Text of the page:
Fewer under-18s with mental health issues admitted to non-specialist wards in Scotland

The Herald reports that the number of young people with mental health problems in Scotland being treated in non-specialised wards has fallen by more than 40%, according to a report by the Mental Welfare Commission. The report says the fall in numbers can be attributed to stability in staffing levels and increased bed capacity in Scotland’s thee specialist inpatient units. There has also been an expansion of community-based treatment by Children and Adolescent Mental Health Services (CAMHS).

However, the commission says hospital managers of regional adolescent units should continue reviewing admissions procedures to for out-of-hours and weekend referrals to explore whether access can be improved.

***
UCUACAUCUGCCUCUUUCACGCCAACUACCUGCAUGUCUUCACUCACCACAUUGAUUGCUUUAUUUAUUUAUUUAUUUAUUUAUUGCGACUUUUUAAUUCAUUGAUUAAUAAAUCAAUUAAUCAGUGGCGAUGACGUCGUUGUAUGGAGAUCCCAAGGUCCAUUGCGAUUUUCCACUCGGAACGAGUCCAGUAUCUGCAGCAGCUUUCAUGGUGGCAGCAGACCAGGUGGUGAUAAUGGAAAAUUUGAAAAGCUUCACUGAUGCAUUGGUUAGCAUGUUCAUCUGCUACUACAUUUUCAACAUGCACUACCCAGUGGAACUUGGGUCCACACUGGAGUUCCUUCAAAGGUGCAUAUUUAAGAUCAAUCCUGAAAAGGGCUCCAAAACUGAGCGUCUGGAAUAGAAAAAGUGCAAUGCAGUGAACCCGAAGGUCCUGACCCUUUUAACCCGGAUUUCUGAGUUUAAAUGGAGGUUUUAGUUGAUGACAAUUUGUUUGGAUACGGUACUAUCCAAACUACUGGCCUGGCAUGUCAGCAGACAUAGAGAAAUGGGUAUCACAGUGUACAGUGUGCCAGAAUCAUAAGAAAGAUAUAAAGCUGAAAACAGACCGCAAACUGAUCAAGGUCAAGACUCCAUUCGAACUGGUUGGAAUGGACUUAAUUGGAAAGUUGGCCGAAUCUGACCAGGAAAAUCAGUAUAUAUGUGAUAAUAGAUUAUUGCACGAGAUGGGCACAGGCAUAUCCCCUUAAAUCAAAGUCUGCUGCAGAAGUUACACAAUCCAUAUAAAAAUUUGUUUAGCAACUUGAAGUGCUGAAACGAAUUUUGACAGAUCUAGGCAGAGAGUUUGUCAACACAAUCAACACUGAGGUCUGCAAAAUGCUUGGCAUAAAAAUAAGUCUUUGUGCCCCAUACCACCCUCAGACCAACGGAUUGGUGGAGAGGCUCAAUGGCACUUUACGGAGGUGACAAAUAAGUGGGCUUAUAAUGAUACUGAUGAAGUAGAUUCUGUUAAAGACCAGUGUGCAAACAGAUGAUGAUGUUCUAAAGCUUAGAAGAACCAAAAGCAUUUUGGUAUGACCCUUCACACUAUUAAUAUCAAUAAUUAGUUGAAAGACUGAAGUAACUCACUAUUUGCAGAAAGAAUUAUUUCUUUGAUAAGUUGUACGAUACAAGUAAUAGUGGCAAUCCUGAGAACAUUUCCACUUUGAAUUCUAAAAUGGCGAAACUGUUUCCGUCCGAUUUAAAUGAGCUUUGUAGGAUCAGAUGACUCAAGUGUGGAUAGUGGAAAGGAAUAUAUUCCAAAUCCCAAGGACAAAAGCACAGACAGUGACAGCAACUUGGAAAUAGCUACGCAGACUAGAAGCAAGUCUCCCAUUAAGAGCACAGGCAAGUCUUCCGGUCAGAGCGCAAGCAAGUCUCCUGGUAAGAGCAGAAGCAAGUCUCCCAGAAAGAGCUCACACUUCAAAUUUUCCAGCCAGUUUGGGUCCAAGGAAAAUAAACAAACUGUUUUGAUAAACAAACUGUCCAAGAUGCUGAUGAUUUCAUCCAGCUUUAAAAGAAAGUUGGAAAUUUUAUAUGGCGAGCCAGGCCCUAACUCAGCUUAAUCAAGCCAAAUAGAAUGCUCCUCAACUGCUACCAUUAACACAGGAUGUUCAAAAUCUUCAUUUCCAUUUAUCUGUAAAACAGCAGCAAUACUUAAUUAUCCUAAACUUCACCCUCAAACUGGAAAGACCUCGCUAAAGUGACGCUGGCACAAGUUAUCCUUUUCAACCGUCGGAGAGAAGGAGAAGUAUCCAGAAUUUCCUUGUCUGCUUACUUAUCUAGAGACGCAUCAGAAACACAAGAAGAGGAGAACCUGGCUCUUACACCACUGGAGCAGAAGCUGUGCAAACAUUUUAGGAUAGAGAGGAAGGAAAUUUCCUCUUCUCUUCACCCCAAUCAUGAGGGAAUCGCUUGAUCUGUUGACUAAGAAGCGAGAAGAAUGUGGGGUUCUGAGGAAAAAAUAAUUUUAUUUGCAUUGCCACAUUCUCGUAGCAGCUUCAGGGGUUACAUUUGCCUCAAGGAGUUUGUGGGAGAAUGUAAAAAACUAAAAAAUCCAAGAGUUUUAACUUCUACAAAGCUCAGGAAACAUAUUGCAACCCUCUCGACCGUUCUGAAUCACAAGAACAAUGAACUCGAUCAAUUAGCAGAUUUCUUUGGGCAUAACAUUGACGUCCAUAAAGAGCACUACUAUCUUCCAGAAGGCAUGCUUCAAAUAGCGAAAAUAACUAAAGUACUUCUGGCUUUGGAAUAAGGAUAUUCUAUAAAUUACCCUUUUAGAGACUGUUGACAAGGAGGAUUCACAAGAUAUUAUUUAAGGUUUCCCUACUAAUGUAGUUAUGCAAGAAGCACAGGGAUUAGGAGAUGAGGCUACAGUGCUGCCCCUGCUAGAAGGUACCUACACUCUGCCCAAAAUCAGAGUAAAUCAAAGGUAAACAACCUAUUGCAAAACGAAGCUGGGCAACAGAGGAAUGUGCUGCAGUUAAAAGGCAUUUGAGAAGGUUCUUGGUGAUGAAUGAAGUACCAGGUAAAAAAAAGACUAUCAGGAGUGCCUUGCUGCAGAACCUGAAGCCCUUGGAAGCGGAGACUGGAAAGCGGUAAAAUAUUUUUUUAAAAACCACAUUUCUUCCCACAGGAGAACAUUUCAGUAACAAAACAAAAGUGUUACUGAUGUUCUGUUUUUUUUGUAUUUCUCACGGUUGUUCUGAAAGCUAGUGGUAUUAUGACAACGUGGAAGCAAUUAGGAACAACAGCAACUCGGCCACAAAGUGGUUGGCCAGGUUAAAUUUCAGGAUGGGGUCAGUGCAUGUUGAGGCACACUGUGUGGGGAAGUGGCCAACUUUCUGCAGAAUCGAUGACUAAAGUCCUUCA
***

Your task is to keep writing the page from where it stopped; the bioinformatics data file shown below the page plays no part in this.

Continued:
Dr Gary Morrison, Executive Director (Medical) at the Mental Welfare Commission, said: "Children and young people under the age of 18 who need hospital treatment for mental illness should, wherever possible, be treated in a specialist unit, designed to care for their age group.

We have raised concerns in the past when we saw the numbers going to non-specialist, usually adult wards, rising, and last year we were glad to see a reversal of that trend. We know that services have been working hard across the country to achieve this change and we welcome it.”

The full story can be read on The Herald website